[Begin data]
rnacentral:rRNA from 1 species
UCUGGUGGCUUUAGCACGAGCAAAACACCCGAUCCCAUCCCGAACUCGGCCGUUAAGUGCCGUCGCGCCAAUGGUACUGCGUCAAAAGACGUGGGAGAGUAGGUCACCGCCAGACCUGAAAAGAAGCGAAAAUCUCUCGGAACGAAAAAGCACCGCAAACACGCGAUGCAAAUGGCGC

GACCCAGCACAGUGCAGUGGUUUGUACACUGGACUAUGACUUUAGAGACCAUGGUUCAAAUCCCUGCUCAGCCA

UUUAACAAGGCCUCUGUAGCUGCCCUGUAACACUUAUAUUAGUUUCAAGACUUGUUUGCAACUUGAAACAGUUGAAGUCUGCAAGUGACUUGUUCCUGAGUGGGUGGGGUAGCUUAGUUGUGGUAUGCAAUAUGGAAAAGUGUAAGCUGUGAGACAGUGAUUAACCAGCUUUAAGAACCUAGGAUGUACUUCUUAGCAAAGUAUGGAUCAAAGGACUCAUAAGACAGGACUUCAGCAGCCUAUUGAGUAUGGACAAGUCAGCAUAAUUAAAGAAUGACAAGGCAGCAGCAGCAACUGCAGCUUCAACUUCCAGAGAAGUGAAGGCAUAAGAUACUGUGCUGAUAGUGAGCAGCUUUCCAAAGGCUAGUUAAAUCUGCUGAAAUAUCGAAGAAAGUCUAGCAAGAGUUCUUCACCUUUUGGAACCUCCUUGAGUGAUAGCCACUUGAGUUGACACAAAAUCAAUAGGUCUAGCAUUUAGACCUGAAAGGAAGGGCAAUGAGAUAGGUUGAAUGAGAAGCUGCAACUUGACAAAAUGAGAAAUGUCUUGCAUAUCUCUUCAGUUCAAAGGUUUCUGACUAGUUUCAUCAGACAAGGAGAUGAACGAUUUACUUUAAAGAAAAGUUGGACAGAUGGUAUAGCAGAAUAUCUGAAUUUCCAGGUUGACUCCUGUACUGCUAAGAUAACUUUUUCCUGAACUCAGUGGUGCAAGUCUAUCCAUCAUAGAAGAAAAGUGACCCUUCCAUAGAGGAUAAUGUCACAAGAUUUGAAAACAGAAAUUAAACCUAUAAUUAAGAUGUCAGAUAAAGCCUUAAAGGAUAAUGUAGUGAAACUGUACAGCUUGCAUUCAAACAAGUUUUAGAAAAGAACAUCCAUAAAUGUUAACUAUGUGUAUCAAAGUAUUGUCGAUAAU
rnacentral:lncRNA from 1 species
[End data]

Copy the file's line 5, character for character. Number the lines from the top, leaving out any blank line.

rnacentral:lncRNA from 1 species